«

»

Happiness is Weaving

My loom arrived.  A 24" Kromski Harp.  I wove a scarf for my first project.  And I actually remembered to take pictures!

This is the yarn I used. 

Yarn for scarf

It's worsted weight blue faced leicester.  This is a new base yarn for me, and I'm quite pleased with it.  I dyed several colorways, and they'll be available at Fairy Yarnmother as soon as I come up with names for all of them, get them labeled, and ship them off to Susan.

The first step was warping the loom.  For all of you non-weavers reading this, that means putting the warp threads (the threads that go the length of the fabric) on the loom.  There are a couple of ways of doing this, but I did the direct warping method, which involved clamping the loom to my kitchen counter and clamping a warping peg to my dining room table, and walking back and forth, pulling the yarn through one of the slats each time.

Warp

Once that was done, I cut the yarn at the peg end, wound the warp on the back beam, and pulled one of each of the pair of threads back through the slat and forward to the adjacent hole, and then tied all the ends to the front.

Warped loom

Then I was ready to weave!  This is about halfway through the weaving.  I stuck a piece of orange scrap yarn in at one edge every 6 inches so I could keep track of my length.

Weaving in progress

And here's my finished scarf!

Scarf

I'm not really satisfied with the edges, but it seems no beginning weaver is, and this was a learning exercise.  I was aware that most people have trouble with the selvedges being uneven or too tight at first, so I was very careful to avoid those problems…and so I have an even edge that's too loose.  D'oh!  But I found a tutorial that explained what I need to do, so my next project should be perfect, right?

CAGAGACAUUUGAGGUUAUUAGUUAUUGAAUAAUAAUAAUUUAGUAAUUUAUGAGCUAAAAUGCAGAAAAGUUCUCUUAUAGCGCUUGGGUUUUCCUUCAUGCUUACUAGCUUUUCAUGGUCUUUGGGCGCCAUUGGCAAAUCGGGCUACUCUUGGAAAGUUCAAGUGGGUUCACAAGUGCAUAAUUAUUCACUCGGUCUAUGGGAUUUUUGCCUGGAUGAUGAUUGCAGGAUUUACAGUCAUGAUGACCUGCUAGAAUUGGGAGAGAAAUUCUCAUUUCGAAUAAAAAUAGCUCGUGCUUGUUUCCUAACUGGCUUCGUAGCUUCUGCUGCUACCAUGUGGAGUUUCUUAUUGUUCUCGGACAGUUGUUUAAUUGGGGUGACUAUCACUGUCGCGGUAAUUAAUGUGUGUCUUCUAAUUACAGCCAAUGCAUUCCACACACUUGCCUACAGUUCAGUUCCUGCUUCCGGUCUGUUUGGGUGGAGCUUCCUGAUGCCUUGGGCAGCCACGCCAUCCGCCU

I'm not sure how long it took me, but I know I was weaving a lot faster toward the end than when I started out, so I imagine I'll continue to increase my speed.  The warping went pretty fast.  I think I'll probably pick a different location though for next time.  You can't tell from the photos, but there are cupboards directly above the counter I clamped the loom to, so I had to lean over to avoid whacking my head.  My back got kind of tired after a while. 

All in all though?  Weaving totally rocks!

6 comments

Skip to comment form

  1. Kate Carras

    You’ll get more comfortable with edges the more you weave. The scarf looks great! It should feel really good, too, since you used Blue-face Leicester wool!
    Kate

  2. Lydia, Clueless Crafter

    Okay, so this is amazing. Did you really walk back and forth that many times? That is a lot of exercise, I presume!
    Thanks for including a bit of info for those that are not familiar with all these terms. And, your scarf is beautiful in its simplicity!

  3. Riin

    Thanks! Yeah, I guess it was good exercise! It wasn’t that far each time, but it was a lot of times. For my next scarf, I’m actually going to weave two scarves on the same warp, so the work of warping is divided by two scarves. I need to figure out where to set up the loom and warping peg for a long enough warp though. Hmm…

  4. Leslie

    I’m a beginner weaver unsatisfied with her selvedges too! Mind sharing a link to the tutorial you mention?

  5. Benita

    Welcome to the world of weaving – May your world always be warped!

  6. Jemajo

    I have long wanted to learn how to weave but could figure out how to get started.
    What kind of loom do you use?
    This one could actually fit in my home!
    You got me thinking of possibilities…
    Thanks for the clear photos and tutorial.

Comments have been disabled.